resided within the other. The United States’ biggest threat was Cuba’s ally, the Soviet Union.

Kennedy attempted to fight his fear by attempting to overthrow Castro in the Bay of Pigs Invasion in 1961. The pursuit failed miserably, and with that Castro publicly solidified his allegiance with the Soviet Union. That did not stop Kennedy from pursuing his goal. The Cuban Missile Crisis was Kennedy’s next try at ousting Castro. The Soviet Union played a large role in this event. The Russians uncovered information of the United States’ planned assassination of Fidel Castro. The Soviet Union took steps to ensure the safety of their new ally. News spread to the United States about the Soviet Union attempting to arm Cuba with their nuclear missiles. There is a lot of back and forth going on between the two sides. Finally, Kennedy, in retaliation to the Soviet Union’s statement of providing Cuba with nuclear weapons, placed a naval blockade on Cuba on February 7, 1962. This is the embargo that placed heavy restrictions that involved any form of American contact with Cuba. Eisenhower’s embargo during Fulgencio Batista’s reign allowed American food and medicinal exports to Cuba. Kennedy took the embargo up a notch by banning many of Cuba’s imports to America and making it near impossible for Americans to travel to Cuba for any form of reason. Americans who did not abide by the law would have been fined for thousands of dollars. The embargo itself did not affect the United States too much, the impact was very minimal. Cuba, on the other hand, heavily depended on its economic relations with the United States. There was a great stagnation in Cuba’s society. Cubans were having a difficult time getting through their everyday lives, there was little money and food to go around. Technological developments were unable to make their way to Cuba, but if they did it was slow. Cuba took a large hit to its progress as a country.

Interestingly enough, President John F. Kennedy recognized the quality and luxury that came with Cuban cigars. Before he signed the embargo into action, President Kennedy ordered and shipped in—from Cuba—1,200 Cuban cigars. Kennedy was able to snag his own stash of extravagant Cuban cigars right before he signed the embargo. It is just to show that Cuban cigars are a great asset.

Since then, the status and restrictions of the embargo has not changed much for Cuba’s cigar business. It was troublesome to pick-up a Cuban for yourself and bring it back to the States, it was near impossible. Only a handful of people were given permission to travel to Cuba for business purposes, journalists were one of those people. They are only allowed to report on news. Journalists who had the opportunity to head to Cuba took the advantage of purchasing and smoking the acclaimed Cuban-made cigars. They were the lucky few. The rest of the Americans, especially the cigar aficionados were left in the gutter.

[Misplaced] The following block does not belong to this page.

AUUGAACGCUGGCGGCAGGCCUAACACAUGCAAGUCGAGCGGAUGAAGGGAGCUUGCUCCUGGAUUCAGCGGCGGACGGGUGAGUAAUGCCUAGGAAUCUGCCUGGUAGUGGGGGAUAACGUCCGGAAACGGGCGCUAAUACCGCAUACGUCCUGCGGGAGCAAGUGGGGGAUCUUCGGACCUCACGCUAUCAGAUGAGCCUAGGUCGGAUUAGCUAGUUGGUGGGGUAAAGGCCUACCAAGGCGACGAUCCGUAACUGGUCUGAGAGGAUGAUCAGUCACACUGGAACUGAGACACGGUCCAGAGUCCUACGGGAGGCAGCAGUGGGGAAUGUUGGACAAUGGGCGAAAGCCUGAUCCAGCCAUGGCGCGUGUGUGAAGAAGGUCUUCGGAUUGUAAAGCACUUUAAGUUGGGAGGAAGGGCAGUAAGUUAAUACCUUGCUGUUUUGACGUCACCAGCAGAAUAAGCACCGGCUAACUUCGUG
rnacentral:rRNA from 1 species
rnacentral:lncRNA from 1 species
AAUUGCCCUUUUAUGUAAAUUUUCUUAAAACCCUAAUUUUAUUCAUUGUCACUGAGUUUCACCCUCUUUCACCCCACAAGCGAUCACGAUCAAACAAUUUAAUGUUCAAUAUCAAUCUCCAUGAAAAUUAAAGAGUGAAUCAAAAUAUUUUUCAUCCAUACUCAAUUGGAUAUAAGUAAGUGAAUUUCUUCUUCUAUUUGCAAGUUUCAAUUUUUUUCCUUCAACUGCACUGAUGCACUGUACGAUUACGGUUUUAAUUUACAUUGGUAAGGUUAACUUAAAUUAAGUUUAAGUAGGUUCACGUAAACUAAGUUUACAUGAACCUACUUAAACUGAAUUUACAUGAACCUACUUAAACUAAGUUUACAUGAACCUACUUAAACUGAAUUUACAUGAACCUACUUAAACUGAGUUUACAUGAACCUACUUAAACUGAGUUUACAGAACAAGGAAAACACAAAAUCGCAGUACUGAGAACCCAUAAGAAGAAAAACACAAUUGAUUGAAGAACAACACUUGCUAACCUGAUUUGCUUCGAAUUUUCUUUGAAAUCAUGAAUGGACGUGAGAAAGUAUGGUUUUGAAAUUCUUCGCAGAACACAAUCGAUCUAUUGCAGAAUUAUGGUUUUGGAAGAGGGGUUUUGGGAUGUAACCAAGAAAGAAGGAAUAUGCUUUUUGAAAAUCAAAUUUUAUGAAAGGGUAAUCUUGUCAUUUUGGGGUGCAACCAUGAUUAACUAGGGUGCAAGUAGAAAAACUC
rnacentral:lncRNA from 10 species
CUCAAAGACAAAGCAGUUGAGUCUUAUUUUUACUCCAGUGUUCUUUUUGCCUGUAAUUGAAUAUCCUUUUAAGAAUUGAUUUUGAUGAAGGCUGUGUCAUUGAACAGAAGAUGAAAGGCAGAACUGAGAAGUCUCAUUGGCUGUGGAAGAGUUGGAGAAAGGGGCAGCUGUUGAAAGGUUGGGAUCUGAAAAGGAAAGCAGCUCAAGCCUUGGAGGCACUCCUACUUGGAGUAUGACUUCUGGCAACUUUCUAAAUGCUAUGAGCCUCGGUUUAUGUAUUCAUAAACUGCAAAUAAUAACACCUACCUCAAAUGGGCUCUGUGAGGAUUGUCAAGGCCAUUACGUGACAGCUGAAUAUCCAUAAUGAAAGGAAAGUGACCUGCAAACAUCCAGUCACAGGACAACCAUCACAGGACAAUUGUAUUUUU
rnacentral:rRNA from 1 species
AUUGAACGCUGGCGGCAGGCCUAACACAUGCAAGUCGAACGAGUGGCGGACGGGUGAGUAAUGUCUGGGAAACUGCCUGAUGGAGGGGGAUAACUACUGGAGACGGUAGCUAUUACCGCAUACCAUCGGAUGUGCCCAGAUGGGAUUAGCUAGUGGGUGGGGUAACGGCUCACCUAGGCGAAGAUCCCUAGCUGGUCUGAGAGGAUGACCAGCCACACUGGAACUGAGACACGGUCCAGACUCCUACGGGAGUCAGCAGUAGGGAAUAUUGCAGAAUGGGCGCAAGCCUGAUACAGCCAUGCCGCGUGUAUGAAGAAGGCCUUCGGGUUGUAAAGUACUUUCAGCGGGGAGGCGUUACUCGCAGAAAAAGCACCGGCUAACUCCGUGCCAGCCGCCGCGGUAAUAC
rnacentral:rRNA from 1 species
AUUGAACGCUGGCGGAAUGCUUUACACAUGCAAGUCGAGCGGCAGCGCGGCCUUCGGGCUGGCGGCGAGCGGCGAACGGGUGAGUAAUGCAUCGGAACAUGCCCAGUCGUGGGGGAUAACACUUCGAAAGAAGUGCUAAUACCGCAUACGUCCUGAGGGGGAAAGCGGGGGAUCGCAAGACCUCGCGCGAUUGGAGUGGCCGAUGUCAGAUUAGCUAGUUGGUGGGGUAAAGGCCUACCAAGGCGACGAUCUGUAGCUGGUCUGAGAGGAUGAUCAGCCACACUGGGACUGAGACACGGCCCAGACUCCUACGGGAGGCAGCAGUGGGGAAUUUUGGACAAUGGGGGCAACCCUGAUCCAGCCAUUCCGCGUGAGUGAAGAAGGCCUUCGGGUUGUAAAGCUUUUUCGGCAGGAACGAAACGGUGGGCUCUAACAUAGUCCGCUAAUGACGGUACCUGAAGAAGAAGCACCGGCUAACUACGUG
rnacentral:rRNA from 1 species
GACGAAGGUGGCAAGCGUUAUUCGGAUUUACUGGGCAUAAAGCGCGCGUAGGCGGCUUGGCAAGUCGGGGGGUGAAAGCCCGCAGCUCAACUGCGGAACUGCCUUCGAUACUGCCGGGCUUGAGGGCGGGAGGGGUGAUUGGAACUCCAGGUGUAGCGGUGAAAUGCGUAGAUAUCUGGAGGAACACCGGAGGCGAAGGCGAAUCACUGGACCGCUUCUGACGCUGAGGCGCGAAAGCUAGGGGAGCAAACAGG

When Obama assumed office as the 44 th President of the United States he wanted to patch up the United States and Cuban relations. President Obama and Cuban President Raul Castro, Fidel Castro’s brother, negotiated terms and conditions for the process. One of which involved lifting the complete restriction on the purchases of Cuban rum and tobacco products and limiting it to a mere $100 in purchases. It is not every day where someone will come across a Cuban cigar, so people will often head straight towards the higher end ones. These cigars are produced in the most intricate of ways with the best grown and treated tobacco. The cigars also often go for at least $30 apiece. Quite a hefty price. With the $100 limit, one will not get enough of the Cuban cigars, it will be three at most for the cheapest of the higher ends. A tragic story for the average American cigar lover.

Things have changed for the better in recent years though. As Obama’s presidency was nearing its end he was able to better improve United States-Cuban relations. Obama made it easier for Americans to travel to Cuba for reasons other than work. He also increased the limit on Cuban rum and tobacco purchases an American can make from $100 to $400. It is a phenomenal upgrade. With these two add-ons, American travels to Cuba increased. What also increased was the number of Cuban cigars, straight out of Cuba, that came into the States. People jumped at the chance of being able to smoke the famous Cuban cigars. Aficionados cannot pass up the opportunity to get their hands on one.